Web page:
# $\begin{bmatrix}\cos\theta&\sin\theta\\\sin\theta&-\cos\theta\end{bmatrix}$ eigenvalue?

How do I compute the eigenvector of $\begin{bmatrix}\cos\theta&\sin\theta\\\sin\theta&-\cos\theta\end{bmatrix}$?

$\begin{bmatrix}\cos\theta&\sin\theta\\\sin\theta&-\cos\theta\end{bmatrix}\begin{bmatrix}x\\y\end{bmatrix}=\begin{bmatrix}x\cos\theta+y\sin\theta\\x\sin\theta -y\cos\theta\end{bmatrix}$

The I got this system of equations: ${x\cos\theta+y\sin\theta=\lambda x\\x\sin\theta -y\cos\theta=\lambda y}\implies$

$\det\begin{bmatrix}\lambda-\cos\theta&-\sin\theta\\\sin\theta&-\lambda-\cos\theta\end{bmatrix}=0\implies -\lambda^2+\cos^2\theta+\sin^2\theta=0\implies\lambda=1$

Questions:

1) How do I compute $\lambda$?

2) Is it possible to get a simple value for the given matrix $A$?

• Your second entry of the product is wrong. Are you familiar with the fact that $\lambda$ is a root of $\det(A-\lambda I)$? Typically, all textbooks write it the line after the definition of "eigenvalue". – user228113 Aug 27 '17 at 11:17
• Which is also the reason why no one ever says "the eigenvalue of $A$". – user228113 Aug 27 '17 at 11:20
• When calculating eigenvalues with the determinant formula, the $\lambda$s always occur along the diagonal. The result will become a second degree polynomial in a polynomial of the complex exponential function. – mathreadler Aug 27 '17 at 11:29
• Geometrically, this is a counterclockwise rotation of $\theta$ radians composed with a reflection about the horizontal axis. So, except for specific values of $\theta$, e.g. $\theta = 0$, expect complex eigenvectors since rotations in $\mathbb{R}^2$ preserve nothing. – Kaj Hansen Aug 27 '17 at 11:31
• "How do I compute $\lambda$"? Solve a quadratic equation. – GEdgar Aug 27 '17 at 11:39

1. Just below the highlighted equation, you have $\sin \theta y$, which is wrong; the $y$ should be next to the $\cos \theta$ (preferably before it, to improve readability).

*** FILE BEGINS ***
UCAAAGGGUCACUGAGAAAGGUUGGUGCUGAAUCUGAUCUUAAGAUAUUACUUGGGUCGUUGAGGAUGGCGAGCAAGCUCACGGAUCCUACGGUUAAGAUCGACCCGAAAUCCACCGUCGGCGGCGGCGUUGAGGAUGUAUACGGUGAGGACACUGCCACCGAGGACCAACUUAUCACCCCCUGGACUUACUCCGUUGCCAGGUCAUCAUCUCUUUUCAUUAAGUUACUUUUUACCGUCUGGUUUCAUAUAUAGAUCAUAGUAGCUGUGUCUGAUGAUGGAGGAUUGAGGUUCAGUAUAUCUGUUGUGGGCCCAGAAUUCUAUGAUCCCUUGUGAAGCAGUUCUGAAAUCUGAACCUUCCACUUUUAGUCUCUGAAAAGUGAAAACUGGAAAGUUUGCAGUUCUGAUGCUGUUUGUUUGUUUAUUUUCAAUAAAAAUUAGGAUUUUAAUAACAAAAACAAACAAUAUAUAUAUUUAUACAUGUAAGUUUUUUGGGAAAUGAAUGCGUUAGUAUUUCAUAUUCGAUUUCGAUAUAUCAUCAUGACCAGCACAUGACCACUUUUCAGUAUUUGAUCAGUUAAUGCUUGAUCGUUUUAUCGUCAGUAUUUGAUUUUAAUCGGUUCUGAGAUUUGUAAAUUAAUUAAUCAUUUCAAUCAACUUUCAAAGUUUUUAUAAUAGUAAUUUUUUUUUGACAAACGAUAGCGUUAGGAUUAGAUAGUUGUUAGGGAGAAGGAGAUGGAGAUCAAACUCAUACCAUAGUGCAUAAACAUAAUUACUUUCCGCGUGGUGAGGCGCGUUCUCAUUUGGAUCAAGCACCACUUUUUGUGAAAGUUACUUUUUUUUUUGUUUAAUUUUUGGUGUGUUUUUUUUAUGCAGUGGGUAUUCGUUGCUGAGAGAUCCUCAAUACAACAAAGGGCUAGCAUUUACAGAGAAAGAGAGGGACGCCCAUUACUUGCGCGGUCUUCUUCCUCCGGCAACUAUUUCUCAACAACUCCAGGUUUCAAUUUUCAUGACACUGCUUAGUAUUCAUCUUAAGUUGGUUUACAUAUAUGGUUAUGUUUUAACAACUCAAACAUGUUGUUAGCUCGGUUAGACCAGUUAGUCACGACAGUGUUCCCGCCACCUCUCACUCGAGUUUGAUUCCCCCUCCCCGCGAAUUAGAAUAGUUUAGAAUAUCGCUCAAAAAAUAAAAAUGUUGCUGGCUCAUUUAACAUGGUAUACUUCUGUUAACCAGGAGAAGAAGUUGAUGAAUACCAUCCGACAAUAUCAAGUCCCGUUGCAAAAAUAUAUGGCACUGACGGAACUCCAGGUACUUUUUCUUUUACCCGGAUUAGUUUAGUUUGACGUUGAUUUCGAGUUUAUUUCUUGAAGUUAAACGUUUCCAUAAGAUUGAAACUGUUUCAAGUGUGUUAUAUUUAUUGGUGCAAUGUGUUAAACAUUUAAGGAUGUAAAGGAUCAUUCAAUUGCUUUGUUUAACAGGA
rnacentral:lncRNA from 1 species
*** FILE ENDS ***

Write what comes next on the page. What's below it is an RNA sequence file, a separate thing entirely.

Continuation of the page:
2. In the determinant just about "Questions", the $\lambda$ in the second line should be in the second column, not the first, so that the bottom row reads $-\sin \theta ~~~ \lambda + \cos \theta$.

If you continue from there, you have some hope of correctly computing $\lambda$.

• Please check my edit! – Pedro Gomes Aug 27 '17 at 11:31
• The second line of your last matrix has sine and cosine swapped. You really need to actually do the algebra right if you want to get anywhere. – John Hughes Aug 27 '17 at 11:34
• Could you please check the answer I provided? Thanks! – Pedro Gomes Aug 27 '17 at 12:30
• Why is there a $-\lambda$ in the lower right of your matrix? I reiterate: you have to do the algebra right; that's the first step. – John Hughes Aug 28 '17 at 14:45

\begin{align} & \det\left(\begin{bmatrix} \cos\theta & -\sin\theta \\ \sin\theta & \cos\theta \end{bmatrix} - \lambda\begin{bmatrix} 1 & 0 \\ 0 & 1 \end{bmatrix} \right) = (\cos\theta-\lambda)^2 + \sin^2\theta \\[10pt] = {} & \lambda^2 - 2\cos\theta + 1 = 0 \\[10pt] &\text{if and only if } \lambda = \cos\theta \pm i\sin\theta. \end{align}

• Check the characteristic equation again, please. The eigenvalues are $\lambda=\pm1$. The determinant of this matrix is $=-1$, which is also the product of the eigenvalues. Geometrically this linear transformation is an orthogonal reflection w.r.t. a line forming an angle $\theta/2$ with the $x$-axis. – Jyrki Lahtonen Sep 5 '17 at 6:05

To hand-calculate the eigenvalues of a $2\times2$ matrices, I believe the best way is not to expand $\det(\lambda I-A)$, but to write down the polynomial $\lambda^2-\operatorname{tr}(A)\lambda + \det A$ directly. This is always more efficient and less error prone.

In your case, clearly $A$ has trace zero and its determinant is $-1$. Hence the characteristic polynomial is $\lambda^2-1$ and the eigenvalues are $\pm1$.